Vitamin E Does Not Modulate Plasma Lipid Profile or C-Reactive Protein Despite Suppressing Oxidative Stress in Orchiectomized Rats
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Vitamin E is known to improve antioxidant status and to prevent lipoprotein oxidation. However, the effect of vitamin E on other cardiovascular risk factors, including C-reactive protein (CRP) and lipid profile status, in orchiectomized rats is unknown. In the present study, 32 1-year-old male rats were randomized into two groups: a sham-control group (n = 8) and an orchiectomized group (n = 24). The orchiectomized group was divided into three groups of eight and assigned to one of the following treatments: orchiectomy (ORX), ORX + vitamin E mixture (65.6 mg/kg) diet, or ORX + vitamin E mixture (656 mg/kg) diet. For 120 days all four groups consumed a basal AIN-93M diet, while the vitamin E groups ate diets containing an additional vitamin E mixture. Four months after the study began, all the rats were killed, the blood was collected, and the plasma was assayed for antioxidant status, CRP, lipid profile, and indices of peroxidation. ORX decreased (P < .05) the plasma antioxidant status, superoxide dismutase (SOD) activity, and CRP level and increased (P < .05) the plasma malondialdeyde, nitrite, and lipid profile compared with that of the sham-control group. In contrast to the ORX group, supplementation with vitamin E mixture increased (P < .05) plasma antioxidant status and dose-dependently increased (P < .05) SOD activity, while the vitamin E decreased (P < .05) plasma malondialdeyde and nitrite. The vitamin E mixture had no effect on CRP or on lipid profiles when compared to the orchiectomized rats. In conclusion, vitamin E appears to reduce oxidative stress without modulating lipid profile or inflammatory response.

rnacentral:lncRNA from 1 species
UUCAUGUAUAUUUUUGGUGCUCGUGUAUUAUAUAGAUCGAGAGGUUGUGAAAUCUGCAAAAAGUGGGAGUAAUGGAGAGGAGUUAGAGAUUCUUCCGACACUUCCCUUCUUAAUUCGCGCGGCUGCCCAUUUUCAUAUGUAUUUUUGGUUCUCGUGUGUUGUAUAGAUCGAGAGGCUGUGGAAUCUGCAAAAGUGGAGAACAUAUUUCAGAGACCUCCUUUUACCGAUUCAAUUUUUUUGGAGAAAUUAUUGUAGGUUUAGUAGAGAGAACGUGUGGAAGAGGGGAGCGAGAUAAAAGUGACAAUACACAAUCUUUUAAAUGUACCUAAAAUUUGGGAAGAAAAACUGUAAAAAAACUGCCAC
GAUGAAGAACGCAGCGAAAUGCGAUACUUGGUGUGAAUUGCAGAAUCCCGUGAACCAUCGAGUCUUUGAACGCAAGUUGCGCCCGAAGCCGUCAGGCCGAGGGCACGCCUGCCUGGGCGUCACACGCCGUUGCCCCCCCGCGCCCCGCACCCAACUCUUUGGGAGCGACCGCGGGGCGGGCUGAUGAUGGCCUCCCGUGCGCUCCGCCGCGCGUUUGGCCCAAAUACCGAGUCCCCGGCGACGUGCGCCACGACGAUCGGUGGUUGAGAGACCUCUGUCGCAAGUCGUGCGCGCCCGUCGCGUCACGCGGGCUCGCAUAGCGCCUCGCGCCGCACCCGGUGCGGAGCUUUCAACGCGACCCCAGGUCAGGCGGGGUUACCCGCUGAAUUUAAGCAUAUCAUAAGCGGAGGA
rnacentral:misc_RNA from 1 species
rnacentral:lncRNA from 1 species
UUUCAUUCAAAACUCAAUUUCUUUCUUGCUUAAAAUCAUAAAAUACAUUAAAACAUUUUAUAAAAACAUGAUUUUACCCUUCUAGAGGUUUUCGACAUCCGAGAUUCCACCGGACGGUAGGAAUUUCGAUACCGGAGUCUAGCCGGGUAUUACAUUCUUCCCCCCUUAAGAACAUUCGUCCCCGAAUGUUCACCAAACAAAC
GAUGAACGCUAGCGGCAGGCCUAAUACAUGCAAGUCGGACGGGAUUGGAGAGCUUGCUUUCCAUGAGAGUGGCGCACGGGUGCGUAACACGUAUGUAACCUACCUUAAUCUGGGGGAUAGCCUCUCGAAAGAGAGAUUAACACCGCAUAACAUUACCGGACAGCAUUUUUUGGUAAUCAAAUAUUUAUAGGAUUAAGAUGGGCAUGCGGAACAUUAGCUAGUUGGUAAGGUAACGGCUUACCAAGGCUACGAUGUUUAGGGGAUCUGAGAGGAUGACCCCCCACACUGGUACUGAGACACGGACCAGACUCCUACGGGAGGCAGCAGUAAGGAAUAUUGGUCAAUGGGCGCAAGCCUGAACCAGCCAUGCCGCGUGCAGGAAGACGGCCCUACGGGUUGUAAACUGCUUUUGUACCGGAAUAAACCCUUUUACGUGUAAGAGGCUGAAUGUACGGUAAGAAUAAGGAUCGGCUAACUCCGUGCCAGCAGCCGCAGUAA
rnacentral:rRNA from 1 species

author list (cited authors)
Deyhim, F., Gonzales, C., Garcia, C., Villarreal, A., Garcia, K., Rios, R., Mandadi, K., & Patil, B. S.